Fortune and Men's Eyeballs

# Fortune and Men's Eyeballs

The conventional wisdom debunked.
April 17 1999 3:30 AM

# Fortune and Men's Eyeballs

## Applying a bit of math to the great Internet giveaway.

Bill Gross, a Pasadena, Calif., businessman, has a great moneymaking idea. His firm, Free-PC.com, will ship you a free 333-megahertz Compaq computer. He'll also give you free Internet access and a free maintenance contract. In return, all he wants is two little things. Your soul and a pound of flesh? No, just your eyeballs and a bit of demographic information. "Eyeballs" is Webspeak for the number of people who see a Web page--and, presumably, any ad that is on it. If a Web page is served to 100,000 computers, that counts as 100,000 eyeballs, although literally it's more like 200,000, assuming two eyeballs per person.

eFax.com will give you a free fax number and allow you to receive faxes by e-mail--free. Everyone wants to give you free e-mail. Free personal address books and calendars, free mapping services, free personalized news and weather--all are available in exchange for your eyeballs and a bit of information about yourself, either asked for explicitly or gleaned from what you reveal in using the free service.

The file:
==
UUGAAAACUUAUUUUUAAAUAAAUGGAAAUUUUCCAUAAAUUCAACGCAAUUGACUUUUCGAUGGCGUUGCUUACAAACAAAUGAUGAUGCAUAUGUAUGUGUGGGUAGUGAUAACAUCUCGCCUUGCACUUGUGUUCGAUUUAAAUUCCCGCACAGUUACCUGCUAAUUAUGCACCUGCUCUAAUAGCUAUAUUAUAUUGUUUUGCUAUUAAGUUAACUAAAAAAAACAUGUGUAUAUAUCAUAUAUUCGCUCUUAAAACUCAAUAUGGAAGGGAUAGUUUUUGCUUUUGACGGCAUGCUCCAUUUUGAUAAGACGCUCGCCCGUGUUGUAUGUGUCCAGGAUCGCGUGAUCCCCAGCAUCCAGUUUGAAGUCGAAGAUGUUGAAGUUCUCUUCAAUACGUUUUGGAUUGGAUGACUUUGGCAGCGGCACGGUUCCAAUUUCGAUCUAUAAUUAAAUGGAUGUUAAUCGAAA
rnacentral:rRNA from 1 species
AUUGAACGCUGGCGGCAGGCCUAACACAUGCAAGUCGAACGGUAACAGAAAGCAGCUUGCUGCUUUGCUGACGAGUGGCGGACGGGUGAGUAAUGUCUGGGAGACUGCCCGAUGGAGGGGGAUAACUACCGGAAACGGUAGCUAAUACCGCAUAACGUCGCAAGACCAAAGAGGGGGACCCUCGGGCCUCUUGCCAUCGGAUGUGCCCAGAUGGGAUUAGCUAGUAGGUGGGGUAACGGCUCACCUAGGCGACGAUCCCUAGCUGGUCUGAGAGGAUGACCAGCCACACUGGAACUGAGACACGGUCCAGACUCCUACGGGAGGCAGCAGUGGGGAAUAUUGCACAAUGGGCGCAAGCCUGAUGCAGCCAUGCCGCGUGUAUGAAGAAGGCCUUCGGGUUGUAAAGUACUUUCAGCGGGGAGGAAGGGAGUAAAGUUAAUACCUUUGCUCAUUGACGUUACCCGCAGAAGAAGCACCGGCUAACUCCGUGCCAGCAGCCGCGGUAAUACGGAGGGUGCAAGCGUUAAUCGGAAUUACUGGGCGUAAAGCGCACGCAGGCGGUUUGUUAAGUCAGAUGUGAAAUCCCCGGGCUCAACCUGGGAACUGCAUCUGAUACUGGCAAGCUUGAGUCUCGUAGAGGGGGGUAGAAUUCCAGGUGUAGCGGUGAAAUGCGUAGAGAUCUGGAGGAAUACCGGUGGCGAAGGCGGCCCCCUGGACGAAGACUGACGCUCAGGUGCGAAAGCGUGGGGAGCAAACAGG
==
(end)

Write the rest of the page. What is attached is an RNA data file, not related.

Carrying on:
Which raises the question: How much can your eyeballs possibly be worth? Suppose I could insidiously find out enough about you to influence every purchasing decision you make. Suppose I could promise that every ad I sold you would go straight to your spending reflex. What could I sell that power for?

Now consider that advertisers spend an estimated \$100 billion plugging goods and services to America's 100 million households. In other words, advertisers, as a group, think that affecting the purchasing decisions of an entire household of average eyeballs is worth \$1,000 per year. That's for all the ads you see in every medium, from television to billboards, in the course of a year. Bill Gross is betting that his ads alone, aimed at just one person, will be worth almost half that amount. Maybe he will manage to find bigger spenders. Or maybe he'll be wildly more successful in affecting their decisions. Or maybe he's nuts.

His task will be easier if his \$400 doesn't have to come out of what advertisers are already spending but by convincing them that it's worth spending more. That's where the demographic information comes in. This is not a new concept, of course. John Wanamaker, who built a department store empire in 19th-century Philadelphia, once said, "Half the money I spend on advertising is wasted ... I only wish I knew which half."